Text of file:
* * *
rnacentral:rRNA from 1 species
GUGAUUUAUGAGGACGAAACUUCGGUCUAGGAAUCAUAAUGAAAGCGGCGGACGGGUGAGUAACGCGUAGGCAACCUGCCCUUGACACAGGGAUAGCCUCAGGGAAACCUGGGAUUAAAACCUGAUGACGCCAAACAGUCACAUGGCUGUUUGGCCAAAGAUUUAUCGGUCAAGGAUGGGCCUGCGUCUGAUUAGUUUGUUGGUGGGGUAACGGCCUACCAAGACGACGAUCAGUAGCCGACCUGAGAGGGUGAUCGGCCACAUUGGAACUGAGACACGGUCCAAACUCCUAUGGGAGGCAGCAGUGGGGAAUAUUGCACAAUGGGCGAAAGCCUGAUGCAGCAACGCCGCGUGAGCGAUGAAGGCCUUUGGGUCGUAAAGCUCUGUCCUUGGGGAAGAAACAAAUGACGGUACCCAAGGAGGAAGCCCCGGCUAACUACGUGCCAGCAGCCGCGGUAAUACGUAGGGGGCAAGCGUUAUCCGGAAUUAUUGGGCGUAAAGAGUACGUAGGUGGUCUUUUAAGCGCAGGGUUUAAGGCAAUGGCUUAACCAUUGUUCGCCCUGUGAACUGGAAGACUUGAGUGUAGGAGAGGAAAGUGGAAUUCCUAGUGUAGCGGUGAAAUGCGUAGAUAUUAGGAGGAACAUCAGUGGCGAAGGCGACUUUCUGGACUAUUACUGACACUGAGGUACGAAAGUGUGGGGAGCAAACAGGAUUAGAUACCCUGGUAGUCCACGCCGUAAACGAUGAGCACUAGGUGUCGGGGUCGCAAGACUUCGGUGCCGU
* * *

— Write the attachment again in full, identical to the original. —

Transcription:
rnacentral:rRNA from 1 species
GUGAUUUAUGAGGACGAAACUUCGGUCUAGGAAUCAUAAUGAAAGCGGCGGACGGGUGAGUAACGCGUAGGCAACCUGCCCUUGACACAGGGAUAGCCUCAGGGAAACCUGGGAUUAAAACCUGAUGACGCCAAACAGUCACAUGGCUGUUUGGCCAAAGAUUUAUCGGUCAAGGAUGGGCCUGCGUCUGAUUAGUUUGUUGGUGGGGUAACGGCCUACCAAGACGACGAUCAGUAGCCGACCUGAGAGGGUGAUCGGCCACAUUGGAACUGAGACACGGUCCAAACUCCUAUGGGAGGCAGCAGUGGGGAAUAUUGCACAAUGGGCGAAAGCCUGAUGCAGCAACGCCGCGUGAGCGAUGAAGGCCUUUGGGUCGUAAAGCUCUGUCCUUGGGGAAGAAACAAAUGACGGUACCCAAGGAGGAAGCCCCGGCUAACUACGUGCCAGCAGCCGCGGUAAUACGUAGGGGGCAAGCGUUAUCCGGAAUUAUUGGGCGUAAAGAGUACGUAGGUGGUCUUUUAAGCGCAGGGUUUAAGGCAAUGGCUUAACCAUUGUUCGCCCUGUGAACUGGAAGACUUGAGUGUAGGAGAGGAAAGUGGAAUUCCUAGUGUAGCGGUGAAAUGCGUAGAUAUUAGGAGGAACAUCAGUGGCGAAGGCGACUUUCUGGACUAUUACUGACACUGAGGUACGAAAGUGUGGGGAGCAAACAGGAUUAGAUACCCUGGUAGUCCACGCCGUAAACGAUGAGCACUAGGUGUCGGGGUCGCAAGACUUCGGUGCCGU